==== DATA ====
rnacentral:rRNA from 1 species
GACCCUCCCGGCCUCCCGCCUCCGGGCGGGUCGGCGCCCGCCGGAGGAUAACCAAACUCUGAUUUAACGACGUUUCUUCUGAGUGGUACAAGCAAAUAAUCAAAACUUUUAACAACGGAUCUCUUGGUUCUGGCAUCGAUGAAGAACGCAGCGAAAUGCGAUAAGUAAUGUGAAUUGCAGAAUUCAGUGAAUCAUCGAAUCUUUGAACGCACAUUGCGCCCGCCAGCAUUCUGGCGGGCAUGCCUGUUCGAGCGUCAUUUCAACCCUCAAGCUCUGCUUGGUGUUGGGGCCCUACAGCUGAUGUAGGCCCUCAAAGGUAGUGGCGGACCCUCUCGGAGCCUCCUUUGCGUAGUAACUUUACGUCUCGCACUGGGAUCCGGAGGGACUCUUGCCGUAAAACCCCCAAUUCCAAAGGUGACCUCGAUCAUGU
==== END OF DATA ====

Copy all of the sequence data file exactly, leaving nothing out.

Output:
rnacentral:rRNA from 1 species
GACCCUCCCGGCCUCCCGCCUCCGGGCGGGUCGGCGCCCGCCGGAGGAUAACCAAACUCUGAUUUAACGACGUUUCUUCUGAGUGGUACAAGCAAAUAAUCAAAACUUUUAACAACGGAUCUCUUGGUUCUGGCAUCGAUGAAGAACGCAGCGAAAUGCGAUAAGUAAUGUGAAUUGCAGAAUUCAGUGAAUCAUCGAAUCUUUGAACGCACAUUGCGCCCGCCAGCAUUCUGGCGGGCAUGCCUGUUCGAGCGUCAUUUCAACCCUCAAGCUCUGCUUGGUGUUGGGGCCCUACAGCUGAUGUAGGCCCUCAAAGGUAGUGGCGGACCCUCUCGGAGCCUCCUUUGCGUAGUAACUUUACGUCUCGCACUGGGAUCCGGAGGGACUCUUGCCGUAAAACCCCCAAUUCCAAAGGUGACCUCGAUCAUGU